We’ve previously written about how renewables outpaced fossil fuels in Europe for the first time in 2020. Now, new data demonstrates how US renewables, specifically solar, also thrived despite the challenges of a global pandemic.
Last year, the US built more utility-scale solar power plants than any other year, creating an added total of 9.6 gigawatts of renewable energy. Researchers from Berkeley Lab report that if not for the pandemic, numbers would have been even higher.
The Berkeley Lab report finds that a December 2020 federal tax credit helped push the development of new projects, and the extension of that credit to 2024 has further incentivized investment.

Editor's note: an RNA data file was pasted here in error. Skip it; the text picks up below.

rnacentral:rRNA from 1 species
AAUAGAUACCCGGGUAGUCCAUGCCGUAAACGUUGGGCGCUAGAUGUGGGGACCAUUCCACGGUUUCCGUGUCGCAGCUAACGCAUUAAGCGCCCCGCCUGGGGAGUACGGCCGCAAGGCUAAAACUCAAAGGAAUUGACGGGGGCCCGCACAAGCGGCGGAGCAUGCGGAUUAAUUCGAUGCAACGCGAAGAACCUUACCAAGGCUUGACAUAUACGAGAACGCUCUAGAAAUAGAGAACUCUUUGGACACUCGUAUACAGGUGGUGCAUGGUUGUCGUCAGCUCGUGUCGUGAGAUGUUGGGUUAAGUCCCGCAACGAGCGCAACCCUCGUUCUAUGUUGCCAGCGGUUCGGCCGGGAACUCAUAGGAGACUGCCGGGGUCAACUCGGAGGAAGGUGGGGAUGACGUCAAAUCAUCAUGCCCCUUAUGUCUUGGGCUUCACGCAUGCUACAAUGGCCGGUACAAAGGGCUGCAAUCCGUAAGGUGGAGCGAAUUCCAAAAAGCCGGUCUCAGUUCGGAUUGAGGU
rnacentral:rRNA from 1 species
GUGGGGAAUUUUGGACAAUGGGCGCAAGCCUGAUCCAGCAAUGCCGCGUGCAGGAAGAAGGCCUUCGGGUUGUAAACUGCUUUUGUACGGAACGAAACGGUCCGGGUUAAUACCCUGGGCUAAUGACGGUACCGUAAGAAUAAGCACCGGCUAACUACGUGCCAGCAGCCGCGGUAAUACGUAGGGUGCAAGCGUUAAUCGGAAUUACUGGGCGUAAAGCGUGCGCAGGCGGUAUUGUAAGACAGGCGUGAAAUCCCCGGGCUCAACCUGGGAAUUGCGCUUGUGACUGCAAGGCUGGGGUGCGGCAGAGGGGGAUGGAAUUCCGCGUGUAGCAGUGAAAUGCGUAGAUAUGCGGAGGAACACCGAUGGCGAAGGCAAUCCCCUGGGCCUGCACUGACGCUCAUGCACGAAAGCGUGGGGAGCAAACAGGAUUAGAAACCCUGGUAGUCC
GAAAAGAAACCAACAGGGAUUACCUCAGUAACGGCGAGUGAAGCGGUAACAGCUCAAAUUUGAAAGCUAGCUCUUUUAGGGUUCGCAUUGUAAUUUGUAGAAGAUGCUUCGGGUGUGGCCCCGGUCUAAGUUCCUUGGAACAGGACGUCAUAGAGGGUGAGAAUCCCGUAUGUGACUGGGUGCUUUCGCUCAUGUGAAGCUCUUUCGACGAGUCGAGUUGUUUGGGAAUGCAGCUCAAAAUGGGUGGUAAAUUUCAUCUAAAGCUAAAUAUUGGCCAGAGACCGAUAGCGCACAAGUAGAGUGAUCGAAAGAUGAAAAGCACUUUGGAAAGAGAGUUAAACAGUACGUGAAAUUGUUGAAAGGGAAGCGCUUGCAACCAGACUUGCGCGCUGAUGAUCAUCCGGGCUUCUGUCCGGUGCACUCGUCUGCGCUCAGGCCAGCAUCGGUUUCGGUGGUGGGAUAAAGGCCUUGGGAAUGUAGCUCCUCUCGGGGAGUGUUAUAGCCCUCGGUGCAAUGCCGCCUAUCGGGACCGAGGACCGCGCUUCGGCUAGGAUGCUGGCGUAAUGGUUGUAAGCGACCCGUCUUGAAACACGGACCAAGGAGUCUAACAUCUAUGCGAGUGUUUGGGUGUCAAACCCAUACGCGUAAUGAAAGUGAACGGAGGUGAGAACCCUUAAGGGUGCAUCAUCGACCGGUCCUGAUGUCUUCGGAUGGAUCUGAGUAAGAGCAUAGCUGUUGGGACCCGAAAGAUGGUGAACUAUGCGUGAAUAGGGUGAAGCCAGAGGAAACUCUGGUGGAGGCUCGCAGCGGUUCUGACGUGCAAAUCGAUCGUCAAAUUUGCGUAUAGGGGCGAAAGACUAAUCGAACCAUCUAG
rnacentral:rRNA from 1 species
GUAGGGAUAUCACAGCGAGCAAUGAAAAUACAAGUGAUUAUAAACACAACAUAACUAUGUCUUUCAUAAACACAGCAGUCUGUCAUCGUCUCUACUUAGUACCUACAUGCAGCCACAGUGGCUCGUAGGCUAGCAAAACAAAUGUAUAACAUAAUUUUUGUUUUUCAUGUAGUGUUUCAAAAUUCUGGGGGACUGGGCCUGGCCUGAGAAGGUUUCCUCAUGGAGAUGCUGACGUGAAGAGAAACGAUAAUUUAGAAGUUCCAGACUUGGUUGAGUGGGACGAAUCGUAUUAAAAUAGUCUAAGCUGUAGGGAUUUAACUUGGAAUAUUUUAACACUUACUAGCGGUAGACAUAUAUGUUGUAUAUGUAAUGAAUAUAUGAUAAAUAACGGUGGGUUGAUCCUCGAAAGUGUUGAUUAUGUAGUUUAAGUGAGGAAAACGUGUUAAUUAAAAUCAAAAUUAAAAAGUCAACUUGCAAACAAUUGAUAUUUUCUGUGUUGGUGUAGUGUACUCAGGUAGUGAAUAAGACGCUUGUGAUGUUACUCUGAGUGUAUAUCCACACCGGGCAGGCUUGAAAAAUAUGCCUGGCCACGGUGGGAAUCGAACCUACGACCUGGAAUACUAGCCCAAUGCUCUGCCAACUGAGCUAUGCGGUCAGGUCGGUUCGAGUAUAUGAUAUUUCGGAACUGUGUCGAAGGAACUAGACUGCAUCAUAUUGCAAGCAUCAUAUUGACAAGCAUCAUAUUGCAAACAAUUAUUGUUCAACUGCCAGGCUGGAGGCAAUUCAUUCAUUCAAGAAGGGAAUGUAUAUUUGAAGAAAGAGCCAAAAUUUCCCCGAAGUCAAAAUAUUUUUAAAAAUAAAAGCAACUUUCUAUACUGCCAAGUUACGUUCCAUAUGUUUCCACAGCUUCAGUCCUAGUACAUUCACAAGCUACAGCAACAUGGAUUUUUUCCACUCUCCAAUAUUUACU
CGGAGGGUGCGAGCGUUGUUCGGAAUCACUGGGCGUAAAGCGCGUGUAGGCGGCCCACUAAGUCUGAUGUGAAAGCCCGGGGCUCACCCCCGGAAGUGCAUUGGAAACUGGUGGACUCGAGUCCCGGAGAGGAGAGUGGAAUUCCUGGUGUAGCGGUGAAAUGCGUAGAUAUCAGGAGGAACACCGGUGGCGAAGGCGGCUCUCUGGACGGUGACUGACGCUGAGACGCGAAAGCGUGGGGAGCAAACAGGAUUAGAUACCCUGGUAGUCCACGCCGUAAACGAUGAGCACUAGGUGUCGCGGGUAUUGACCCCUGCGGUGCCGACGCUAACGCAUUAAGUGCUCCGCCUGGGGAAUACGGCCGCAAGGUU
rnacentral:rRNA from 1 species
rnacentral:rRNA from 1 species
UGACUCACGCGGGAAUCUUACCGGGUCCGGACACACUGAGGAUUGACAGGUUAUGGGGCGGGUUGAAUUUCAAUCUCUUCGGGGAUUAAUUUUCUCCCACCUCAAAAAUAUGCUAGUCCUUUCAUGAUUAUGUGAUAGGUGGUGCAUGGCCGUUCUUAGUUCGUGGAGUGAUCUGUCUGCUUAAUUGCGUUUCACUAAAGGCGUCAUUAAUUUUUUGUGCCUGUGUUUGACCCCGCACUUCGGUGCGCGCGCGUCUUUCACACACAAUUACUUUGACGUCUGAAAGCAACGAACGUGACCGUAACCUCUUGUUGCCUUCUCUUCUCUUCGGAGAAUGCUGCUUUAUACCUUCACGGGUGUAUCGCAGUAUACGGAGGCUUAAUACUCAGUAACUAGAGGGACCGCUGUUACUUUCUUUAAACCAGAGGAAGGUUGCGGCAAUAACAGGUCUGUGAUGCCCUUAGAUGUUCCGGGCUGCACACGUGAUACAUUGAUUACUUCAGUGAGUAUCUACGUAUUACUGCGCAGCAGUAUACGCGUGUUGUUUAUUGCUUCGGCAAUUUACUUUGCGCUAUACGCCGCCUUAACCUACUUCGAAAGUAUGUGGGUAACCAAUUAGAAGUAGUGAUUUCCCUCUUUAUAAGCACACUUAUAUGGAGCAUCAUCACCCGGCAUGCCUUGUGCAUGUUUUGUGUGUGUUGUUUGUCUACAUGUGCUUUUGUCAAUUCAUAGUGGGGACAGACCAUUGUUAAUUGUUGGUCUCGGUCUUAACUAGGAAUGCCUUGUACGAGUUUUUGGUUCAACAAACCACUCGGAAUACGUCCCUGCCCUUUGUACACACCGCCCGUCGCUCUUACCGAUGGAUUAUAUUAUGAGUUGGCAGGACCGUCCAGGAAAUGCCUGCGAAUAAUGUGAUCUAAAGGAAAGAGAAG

The biggest growth in solar infrastructure was in Texas. Although California and Florida have previously been leaders in solar development, the widespread panels in the states are already flooding the grid with renewable energy on sunny days, driving down the price of energy.
According to the US Energy Information Administration, 5.1 gigawatts of renewable electricity was added on homes, businesses, and in smaller projects in 2020.
This progress is critical for meeting the US’ goal of sourcing 40 percent of power from solar by 2035.